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Mary Abbott in her Saint Croix studio in the early 1950s. Courtesy of McCormick Gallery, Chicago.

Mary Abbott (1921–2019)

The American painter Mary Abbott, who used bold colors and gestural brushstrokes “to draw the imagination,” died on August 23 at ninety-eight years old. Abbott, whose influence permeated the circle of Abstract Expressionists she belonged to, created vivid oil paintings and watercolors often inspired by nature and her travels. “I like the process of painting. The intensity of living nature through myself—using the medium, paint, color, and line defining the poetry of living space; that is my aim, life and work,” she once said.

Abbott was among the artists included in “Women of Abstract Expressionism,” the first museum exhibition ever dedicated exclusively to the pioneering women of the AbEx movement. Curated by Gwen Chanzit and presented at the Denver Museum of Art in 2016, the show also included the work of Jay DeFeo, Helen Frankenthaler, Sonia Gechtoff, Judith Godwin, Grace Hartigan, Elaine de Kooning, Lee Krasner, Joan Mitchell, Deborah Remington, and Ethel Schwabacher.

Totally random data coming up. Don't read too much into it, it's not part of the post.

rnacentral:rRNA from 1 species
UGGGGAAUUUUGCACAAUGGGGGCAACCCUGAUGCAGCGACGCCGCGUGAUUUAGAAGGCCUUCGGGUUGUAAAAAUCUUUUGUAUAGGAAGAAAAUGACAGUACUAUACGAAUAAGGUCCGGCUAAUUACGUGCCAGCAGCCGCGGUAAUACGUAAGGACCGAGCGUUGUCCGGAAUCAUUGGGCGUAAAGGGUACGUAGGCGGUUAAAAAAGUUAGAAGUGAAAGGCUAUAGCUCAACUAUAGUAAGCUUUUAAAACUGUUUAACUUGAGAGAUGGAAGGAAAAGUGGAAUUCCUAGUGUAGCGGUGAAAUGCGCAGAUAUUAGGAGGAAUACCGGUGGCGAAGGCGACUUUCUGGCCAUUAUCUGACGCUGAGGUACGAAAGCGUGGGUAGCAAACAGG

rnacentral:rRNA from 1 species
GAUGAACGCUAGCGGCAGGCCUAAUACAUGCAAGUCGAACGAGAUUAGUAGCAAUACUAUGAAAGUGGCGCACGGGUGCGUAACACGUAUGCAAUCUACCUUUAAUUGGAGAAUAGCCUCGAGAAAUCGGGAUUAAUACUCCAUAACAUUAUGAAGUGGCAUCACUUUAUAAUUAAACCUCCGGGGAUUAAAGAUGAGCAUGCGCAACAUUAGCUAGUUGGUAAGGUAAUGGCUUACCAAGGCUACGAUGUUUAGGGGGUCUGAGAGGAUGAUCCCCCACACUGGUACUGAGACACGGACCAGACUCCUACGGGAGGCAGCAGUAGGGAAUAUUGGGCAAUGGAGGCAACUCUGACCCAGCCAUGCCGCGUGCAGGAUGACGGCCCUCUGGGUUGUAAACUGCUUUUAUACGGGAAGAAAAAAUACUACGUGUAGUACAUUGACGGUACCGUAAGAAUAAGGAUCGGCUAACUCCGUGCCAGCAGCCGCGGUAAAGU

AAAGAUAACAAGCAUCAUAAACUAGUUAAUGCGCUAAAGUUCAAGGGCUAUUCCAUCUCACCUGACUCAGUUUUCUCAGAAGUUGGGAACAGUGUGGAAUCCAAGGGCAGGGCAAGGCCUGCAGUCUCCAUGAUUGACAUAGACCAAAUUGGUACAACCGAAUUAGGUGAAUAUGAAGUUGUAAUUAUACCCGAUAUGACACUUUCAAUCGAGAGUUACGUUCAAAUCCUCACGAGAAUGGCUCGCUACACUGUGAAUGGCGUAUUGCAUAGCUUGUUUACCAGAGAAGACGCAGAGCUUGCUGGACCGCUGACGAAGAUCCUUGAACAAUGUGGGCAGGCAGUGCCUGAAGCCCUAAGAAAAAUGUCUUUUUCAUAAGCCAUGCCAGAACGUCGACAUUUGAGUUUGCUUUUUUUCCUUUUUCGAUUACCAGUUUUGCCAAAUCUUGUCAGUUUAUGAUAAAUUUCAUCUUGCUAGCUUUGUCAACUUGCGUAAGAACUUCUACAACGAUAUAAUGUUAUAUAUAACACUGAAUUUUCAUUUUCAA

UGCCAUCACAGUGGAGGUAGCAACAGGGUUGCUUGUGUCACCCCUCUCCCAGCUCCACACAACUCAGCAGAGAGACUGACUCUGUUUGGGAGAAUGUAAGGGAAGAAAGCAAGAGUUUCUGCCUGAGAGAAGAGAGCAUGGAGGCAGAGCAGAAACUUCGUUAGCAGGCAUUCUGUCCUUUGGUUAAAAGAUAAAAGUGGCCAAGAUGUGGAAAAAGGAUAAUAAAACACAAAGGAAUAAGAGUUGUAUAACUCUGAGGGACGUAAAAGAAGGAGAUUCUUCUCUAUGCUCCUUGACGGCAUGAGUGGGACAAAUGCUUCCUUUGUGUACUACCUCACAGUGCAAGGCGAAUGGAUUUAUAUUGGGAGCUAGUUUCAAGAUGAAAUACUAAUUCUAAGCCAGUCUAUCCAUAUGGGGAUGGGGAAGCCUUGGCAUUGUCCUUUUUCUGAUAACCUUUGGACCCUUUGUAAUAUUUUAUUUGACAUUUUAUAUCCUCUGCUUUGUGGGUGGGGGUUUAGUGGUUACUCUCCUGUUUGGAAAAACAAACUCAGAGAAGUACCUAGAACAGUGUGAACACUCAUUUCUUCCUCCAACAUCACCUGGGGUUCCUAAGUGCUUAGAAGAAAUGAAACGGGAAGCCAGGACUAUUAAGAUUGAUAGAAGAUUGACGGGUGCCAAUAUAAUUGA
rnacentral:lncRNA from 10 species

Born in New York City in 1921, Abbott, a descendant of US presidents John Adams and John Quincy Adams, knew she wanted to pursue art from a young age. When she was seventeen, she studied at the Art Students League under the tutelage of George Grosz and went on to attend the Corcoran Museum School in Washington, DC, where she took classes with Eugene Weiss. In addition to painting, she also had a career as a model and was featured on the covers of Vogue and Harper’s Bazaar.

In 1943, Abbott married Lewis R. Teague, a painter and soldier in the US Army. Abbott moved around with Teague as he was assigned to different posts until they split in 1946. That same year, the artist relocated to Greenwich Village in New York, where she found an apartment on Tenth Street, now synonymous with the community of artists who would carve out a postwar avant-garde. Not long after she befriended David Hare, who introduced her to the experimental school Subjects of the Artist, where she met and learned from Barnett Newman and Mark Rothko, and Willem de Kooning, who invited her to join “The Club,” a group that gathered weekly in the East Village to drink and discuss art. The only other female members of the clique were Perle Fine and Elaine de Kooning.

Abbott would eventually marry the businessman Tom Clyde, with whom she traveled to the islands of the Caribbean, where the tropical foliage fueled her creative output. When the union ended in 1966, she became a visiting professor at the University of Minnesota in Minneapolis. Ten years later, she returned to New York, where she maintained homes in Manhattan and Southampton. Over the course of her career, Abbott exhibited her work at galleries such as Kootz, Tibor de Nagy, and Tanager, as well as at the Museum of Modern Art, among other museums, and was represented by the McCormick Gallery in Chicago. 

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